• Dispersal
      • Population regulation
  • Conservation
    • Conservation status
    • Effects of human activity on populations
  • Priorities for Future Research
  • References
  • Acknowledgements
  • Multimedia
    • Photos
    • Audio
    • Video [Video would be nice, but in practice this is something we won't add to the species accounts any time soon]

Content Levels — A Closer Look

Home (Overview)

The home page for each account should include an overview or introduction to the species. This could be from one to three or four paragraphs long. The purpose is to introduce this species to the reader. Summarize the major features of appearance, distribution, and natural history.


Summary:Provide a quick overview of the appearance of this species, and indicate whether it is closely similar to other species.

Similar Species: Present detailed comparisons to similar species, if any.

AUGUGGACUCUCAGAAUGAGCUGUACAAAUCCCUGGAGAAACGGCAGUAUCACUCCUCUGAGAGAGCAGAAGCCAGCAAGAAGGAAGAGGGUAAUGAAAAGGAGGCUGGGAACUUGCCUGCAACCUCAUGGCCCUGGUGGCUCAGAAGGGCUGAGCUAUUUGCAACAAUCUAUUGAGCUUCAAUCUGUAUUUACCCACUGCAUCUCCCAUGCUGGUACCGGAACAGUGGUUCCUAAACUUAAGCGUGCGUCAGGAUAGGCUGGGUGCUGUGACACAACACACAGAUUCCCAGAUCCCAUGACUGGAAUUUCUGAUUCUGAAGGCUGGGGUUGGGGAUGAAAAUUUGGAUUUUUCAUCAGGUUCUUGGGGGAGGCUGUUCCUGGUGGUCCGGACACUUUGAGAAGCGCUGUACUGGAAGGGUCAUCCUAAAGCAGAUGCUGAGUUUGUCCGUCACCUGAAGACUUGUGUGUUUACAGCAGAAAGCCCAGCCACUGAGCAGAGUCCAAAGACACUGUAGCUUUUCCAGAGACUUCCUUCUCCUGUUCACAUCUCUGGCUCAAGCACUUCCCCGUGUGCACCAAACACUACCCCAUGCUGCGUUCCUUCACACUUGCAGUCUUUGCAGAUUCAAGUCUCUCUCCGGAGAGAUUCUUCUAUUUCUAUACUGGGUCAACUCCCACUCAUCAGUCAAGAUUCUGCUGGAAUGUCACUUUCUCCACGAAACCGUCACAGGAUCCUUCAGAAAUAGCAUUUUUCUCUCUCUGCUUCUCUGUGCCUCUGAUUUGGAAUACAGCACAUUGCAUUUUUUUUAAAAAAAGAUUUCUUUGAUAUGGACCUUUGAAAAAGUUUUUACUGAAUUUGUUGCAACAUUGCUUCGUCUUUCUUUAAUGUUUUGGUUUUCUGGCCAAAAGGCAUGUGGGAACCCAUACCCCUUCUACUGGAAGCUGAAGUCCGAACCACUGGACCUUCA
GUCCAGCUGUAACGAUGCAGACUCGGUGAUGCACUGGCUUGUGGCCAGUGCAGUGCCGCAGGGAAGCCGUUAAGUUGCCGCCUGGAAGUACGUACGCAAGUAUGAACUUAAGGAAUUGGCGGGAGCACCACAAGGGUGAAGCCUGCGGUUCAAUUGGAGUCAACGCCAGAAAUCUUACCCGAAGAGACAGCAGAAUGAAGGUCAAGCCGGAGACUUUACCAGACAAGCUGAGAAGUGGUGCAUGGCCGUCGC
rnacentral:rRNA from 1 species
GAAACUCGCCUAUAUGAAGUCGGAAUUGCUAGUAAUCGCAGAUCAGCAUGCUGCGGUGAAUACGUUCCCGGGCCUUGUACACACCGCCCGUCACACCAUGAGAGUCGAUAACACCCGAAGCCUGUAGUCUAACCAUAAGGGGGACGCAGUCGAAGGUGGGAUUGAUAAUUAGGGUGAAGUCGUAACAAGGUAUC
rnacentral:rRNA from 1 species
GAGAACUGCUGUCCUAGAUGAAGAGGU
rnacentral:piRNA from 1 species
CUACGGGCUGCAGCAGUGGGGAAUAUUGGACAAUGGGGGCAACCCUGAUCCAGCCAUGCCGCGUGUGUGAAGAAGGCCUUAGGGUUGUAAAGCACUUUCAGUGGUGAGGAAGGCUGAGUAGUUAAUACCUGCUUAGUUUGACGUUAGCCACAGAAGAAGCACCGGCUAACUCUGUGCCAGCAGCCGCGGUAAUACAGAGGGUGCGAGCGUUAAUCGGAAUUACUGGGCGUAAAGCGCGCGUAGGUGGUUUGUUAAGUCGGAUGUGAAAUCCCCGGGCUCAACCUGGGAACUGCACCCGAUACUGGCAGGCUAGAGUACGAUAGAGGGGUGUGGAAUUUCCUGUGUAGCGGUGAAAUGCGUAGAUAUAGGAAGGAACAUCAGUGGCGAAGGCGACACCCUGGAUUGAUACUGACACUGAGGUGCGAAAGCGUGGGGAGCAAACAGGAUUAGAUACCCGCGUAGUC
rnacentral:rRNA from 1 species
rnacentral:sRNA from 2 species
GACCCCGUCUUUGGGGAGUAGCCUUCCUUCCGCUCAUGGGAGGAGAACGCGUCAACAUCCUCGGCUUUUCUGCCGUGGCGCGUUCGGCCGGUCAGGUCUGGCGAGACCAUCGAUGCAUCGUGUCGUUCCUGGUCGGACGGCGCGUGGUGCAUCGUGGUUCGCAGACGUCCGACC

Vocalizations: Describe the vocalizations of your species, as best you can. Although data may be lacking for most or all of these topics, search for information on the ontogenetic development of vocalizations; geographic variation in voice; the daily pattern of vocalizing; the annual pattern of vocalizing; places where the species vocalizes; repertoire size; the rate of delivery of songs; the social context and presumed function of different vocalizations; and so on. We intend to allow authors to add links to recordings of many species of neotropical birds, using the collections of the Macaulay Library at the Cornell Laboratory of Ornithology ( or xen-canto ( ( We will post further information about using sounds on your species page at a later date.

Nonvocal Sounds: Describe, if any, in similar fashion.

Detailed Description: Should be just that, a description of the plumage of the species, in detail. Describe a definitive (adult) plumage first, followed where necessary (and where information is available) on the plumage of the opposite sex, and of the plumages of non-breeding adults, and then of immature and nestlings/downy young.

Bare Parts: Describe the colors of the iris, bill, tarsi and toes, and exposed bare skin such as the cere and orbital ring. When possible, describe the colors of live or freshly dead birds, either from direct observation or notes on specimen labels. Do not trust museum skins or color photographs for subtleties of color. Mention geographic variation, if known.